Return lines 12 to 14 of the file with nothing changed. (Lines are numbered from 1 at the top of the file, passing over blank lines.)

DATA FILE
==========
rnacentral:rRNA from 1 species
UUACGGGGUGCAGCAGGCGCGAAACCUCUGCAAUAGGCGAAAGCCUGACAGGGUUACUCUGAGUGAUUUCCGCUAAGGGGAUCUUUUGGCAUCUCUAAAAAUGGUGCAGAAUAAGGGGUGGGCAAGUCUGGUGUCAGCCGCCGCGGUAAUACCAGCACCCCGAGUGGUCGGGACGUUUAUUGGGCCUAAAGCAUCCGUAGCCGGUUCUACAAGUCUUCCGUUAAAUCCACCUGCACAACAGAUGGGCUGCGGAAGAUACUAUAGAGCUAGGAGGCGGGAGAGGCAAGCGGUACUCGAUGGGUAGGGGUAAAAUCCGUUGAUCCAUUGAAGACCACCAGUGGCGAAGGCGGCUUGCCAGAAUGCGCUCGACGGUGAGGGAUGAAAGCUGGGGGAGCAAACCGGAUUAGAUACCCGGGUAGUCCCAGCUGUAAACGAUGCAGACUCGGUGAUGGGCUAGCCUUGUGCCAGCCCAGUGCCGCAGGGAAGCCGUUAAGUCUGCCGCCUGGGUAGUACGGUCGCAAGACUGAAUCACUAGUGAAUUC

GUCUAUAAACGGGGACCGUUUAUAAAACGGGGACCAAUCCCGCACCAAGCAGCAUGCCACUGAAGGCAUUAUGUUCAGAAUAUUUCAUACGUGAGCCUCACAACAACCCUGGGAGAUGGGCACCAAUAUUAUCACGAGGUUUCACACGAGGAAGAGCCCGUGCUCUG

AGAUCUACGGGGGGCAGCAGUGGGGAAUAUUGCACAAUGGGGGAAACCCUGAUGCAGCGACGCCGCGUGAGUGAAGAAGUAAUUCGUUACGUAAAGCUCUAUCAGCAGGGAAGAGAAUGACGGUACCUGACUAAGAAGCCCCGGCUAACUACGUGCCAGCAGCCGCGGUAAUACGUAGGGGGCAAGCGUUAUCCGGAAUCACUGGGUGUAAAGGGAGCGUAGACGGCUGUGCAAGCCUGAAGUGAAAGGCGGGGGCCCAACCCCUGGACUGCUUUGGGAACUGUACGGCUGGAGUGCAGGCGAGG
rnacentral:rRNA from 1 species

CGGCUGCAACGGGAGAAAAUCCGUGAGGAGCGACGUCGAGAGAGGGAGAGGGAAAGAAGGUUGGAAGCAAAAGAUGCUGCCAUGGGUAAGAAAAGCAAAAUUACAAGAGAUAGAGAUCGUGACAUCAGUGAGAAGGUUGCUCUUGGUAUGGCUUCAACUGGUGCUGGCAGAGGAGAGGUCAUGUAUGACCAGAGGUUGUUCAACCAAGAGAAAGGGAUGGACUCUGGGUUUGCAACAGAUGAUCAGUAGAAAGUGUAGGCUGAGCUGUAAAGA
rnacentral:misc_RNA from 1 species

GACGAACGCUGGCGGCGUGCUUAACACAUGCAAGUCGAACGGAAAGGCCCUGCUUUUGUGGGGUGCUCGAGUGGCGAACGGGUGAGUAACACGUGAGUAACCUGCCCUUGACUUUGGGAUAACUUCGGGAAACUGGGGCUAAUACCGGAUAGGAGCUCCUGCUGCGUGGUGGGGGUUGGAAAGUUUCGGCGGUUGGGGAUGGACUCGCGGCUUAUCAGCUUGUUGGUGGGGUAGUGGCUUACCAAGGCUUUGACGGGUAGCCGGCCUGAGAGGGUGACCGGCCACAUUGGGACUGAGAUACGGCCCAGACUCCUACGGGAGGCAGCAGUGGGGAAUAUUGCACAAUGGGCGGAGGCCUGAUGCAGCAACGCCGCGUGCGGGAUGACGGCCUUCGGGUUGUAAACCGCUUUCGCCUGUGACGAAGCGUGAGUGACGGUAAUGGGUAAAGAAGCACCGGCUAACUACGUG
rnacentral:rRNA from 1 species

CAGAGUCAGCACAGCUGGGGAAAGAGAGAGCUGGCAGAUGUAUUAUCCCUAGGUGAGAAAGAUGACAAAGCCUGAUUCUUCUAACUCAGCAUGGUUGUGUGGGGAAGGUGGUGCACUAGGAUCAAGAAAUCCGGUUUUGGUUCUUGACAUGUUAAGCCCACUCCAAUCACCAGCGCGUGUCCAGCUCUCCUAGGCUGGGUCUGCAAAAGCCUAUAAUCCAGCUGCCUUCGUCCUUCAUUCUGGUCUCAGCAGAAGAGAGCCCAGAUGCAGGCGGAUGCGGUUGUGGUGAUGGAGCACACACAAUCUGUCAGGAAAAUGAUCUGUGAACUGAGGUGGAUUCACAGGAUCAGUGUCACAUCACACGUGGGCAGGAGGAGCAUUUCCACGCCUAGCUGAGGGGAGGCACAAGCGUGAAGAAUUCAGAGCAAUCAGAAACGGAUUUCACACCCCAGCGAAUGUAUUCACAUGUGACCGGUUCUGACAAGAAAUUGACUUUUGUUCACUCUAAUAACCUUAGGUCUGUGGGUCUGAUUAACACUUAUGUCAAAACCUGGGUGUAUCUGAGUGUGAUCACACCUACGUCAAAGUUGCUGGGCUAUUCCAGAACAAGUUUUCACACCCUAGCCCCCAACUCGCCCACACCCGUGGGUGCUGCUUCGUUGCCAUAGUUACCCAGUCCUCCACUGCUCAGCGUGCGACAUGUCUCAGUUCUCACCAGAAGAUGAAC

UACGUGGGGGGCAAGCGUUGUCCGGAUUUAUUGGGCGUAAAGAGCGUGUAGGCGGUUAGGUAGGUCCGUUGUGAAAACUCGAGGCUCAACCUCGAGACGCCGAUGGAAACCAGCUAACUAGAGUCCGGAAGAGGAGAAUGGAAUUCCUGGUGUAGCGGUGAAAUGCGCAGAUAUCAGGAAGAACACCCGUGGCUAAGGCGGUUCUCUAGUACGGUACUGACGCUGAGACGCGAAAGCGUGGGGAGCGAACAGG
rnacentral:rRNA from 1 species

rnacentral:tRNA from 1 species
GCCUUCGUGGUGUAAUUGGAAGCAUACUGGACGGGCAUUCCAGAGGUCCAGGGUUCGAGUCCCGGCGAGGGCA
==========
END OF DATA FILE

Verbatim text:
rnacentral:rRNA from 1 species

rnacentral:tRNA from 1 species
GCCUUCGUGGUGUAAUUGGAAGCAUACUGGACGGGCAUUCCAGAGGUCCAGGGUUCGAGUCCCGGCGAGGGCA